Statins are used for both primary and secondary prevention of coronary artery disease. Multiple studies have shown liver-related adverse effects with raised concentrations of serum transaminases, alanine aminotransferase (ALT) and aspartate aminotransferase (AST) with statin therapy.1 However, the use of statins in patients with raised transaminase enzymes (LFTs) due to non-alcoholic fatty liver disease (NAFLD) have shown improved liver histology and decreases in enzymes. The most common cause of elevated liver enzymes in the developed world is NAFLD.2 Its prevalence increases with age, body mass index, and high triglycerides. Furthermore, patients diagnosed with diabetes mellitus or hypertension are at increased risk of developing NAFLD. Patients who have NAFLD have a 69% increased chance of mortality due to cardiovascular disease.3 NAFLD treatment includes lifestyle modifications, such as dietary changes and exercise, or pharmacotherapy interventions. Statins have been used in the treatment of NAFLD. However, no study has been able to determine the risk-to-benefit ratio of statins in this population.
A post-hoc analysis of the Greek Atorvastatin and Coronary Heart Disease Evaluation (GREACE) study explored the safety and efficacy of statin treatment in patients with abnormal liver tests.4 Subjects (< 75 years of age, known coronary artery disease, serum LDL > 2.6 mmol/L or 100 mg/dl, and triglycerides < 4.5 mmol/L or 174 mg/dL) were randomized to either statin therapy or usual care, which could include statins. Exclusion of participants involved those whose lifestyle could directly result in an increase in liver enzymes, such as alcohol misuse or chronic hepatitis B or C. Patients with liver enzyme concentrations above three times the upper limit of normal were also excluded from the study. The primary endpoint of the post-hoc analysis was the first occurrence of any cardiovascular event (all-cause mortality, coronary heart disease mortality and morbidity, or stroke) in those patients with abnormal LFTs who were treated with a statin compared with patients who did not receive a statin. Secondary endpoints were effects of statin therapy on LFTs in patients with abnormal baseline liver tests. The average follow-up time for participants was about three years.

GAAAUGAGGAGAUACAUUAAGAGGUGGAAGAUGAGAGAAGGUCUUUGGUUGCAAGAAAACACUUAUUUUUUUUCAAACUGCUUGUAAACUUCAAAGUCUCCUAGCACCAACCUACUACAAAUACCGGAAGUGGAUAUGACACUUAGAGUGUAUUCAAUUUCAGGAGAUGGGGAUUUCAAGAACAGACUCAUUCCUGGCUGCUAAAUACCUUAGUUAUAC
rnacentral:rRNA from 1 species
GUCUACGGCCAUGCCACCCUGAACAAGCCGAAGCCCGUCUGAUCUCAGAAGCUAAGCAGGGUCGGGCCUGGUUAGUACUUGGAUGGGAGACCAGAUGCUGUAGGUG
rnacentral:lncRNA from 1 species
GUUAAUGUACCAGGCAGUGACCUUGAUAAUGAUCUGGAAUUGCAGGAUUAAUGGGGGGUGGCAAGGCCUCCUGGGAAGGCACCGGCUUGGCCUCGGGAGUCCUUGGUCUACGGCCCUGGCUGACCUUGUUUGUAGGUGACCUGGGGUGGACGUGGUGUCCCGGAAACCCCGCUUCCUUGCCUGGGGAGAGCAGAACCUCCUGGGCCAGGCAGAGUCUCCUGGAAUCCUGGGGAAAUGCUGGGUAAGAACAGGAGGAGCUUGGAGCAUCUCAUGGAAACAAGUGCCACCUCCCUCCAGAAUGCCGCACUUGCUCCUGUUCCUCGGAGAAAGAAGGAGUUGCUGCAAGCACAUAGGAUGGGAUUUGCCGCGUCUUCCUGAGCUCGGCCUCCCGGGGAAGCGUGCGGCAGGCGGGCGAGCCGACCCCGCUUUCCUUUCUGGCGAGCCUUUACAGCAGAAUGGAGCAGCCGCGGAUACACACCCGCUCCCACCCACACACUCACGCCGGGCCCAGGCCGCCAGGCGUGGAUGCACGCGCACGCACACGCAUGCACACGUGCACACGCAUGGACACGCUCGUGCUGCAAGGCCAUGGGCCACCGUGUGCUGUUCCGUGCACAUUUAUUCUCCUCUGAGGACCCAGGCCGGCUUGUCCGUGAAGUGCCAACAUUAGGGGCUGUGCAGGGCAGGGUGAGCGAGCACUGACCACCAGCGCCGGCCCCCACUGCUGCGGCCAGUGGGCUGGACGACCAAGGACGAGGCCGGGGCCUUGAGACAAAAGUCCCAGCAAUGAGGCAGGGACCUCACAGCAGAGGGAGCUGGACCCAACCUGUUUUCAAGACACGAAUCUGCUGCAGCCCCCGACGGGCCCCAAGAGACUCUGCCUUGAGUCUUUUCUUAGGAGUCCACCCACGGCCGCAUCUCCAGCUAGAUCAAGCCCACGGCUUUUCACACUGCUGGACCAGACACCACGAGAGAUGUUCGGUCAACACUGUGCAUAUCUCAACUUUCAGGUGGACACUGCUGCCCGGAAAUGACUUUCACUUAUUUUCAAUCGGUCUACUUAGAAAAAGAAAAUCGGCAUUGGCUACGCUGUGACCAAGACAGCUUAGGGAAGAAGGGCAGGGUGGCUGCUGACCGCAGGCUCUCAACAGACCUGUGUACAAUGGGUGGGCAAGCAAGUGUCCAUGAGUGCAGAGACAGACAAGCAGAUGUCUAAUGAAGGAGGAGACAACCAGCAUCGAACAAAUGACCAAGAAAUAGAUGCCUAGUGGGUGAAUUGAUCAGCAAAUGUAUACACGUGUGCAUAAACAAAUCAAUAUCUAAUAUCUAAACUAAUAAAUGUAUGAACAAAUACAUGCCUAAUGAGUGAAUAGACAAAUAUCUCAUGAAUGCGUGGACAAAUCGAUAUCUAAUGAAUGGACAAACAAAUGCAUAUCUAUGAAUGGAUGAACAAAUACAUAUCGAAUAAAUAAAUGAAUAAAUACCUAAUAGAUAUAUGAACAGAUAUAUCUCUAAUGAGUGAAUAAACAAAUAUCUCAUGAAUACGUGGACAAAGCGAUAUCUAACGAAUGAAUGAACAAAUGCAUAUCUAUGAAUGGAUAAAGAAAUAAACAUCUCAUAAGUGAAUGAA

There was a significant decrease in the incidence of cardiovascular events in the 227 patients with abnormal liver tests (< three times upper limit of normal) on statin therapy, compared to the 210 patients on no statin therapy (68% risk reduction, p<0.0001). The magnitude of benefit was greater than in those seen in patients with normal LFTs while receiving a statin (p=0.0074). In patients with elevated baseline LFTs, statin therapy was associated with a significant decrease in enzymes compared to patients not receiving statin therapy (p<0.0001). In contrast, patients with abnormal baseline tests and not on statin therapy exhibited increases in liver enzyme concentrations.
There appears to be a significant positive benefit-to-risk ratio with long term treatment of statins in patients with NAFLD and elevated liver enzymes. Statin therapy reduces elevated levels of liver enzymes and cardiovascular-related mortality and morbidity.
1. Newman C, Tsai J, Szarek M, Luo D, Gibson E. Comparative safety of atorvastatin 80 mg versus 10 mg derived from analysis of 49 completed trials in 14,236 patients. Am J Cardiol
2. Ramesh S, Sanval AJH. Evaluation and management of non-alcoholic steatohepatitis. J Hepat
3. Soderberg C, Stal P, Askling J, et al. Decreased survival of subjects with elevated liver function tests during a 28-year follow-up. Hepatology 2010;51: 595–602.
4. Athyros VG, Tziomalos K, Gossios TD, et al. Safety and efficacy of long-term statin treatment for cardiovascular events in patients with coronary heart disease and abnormal liver tests in the Greek Atovastatin and Coronary Heart Disease Evaluation (GREACE) Study: a post-hoc analysis. The Lancet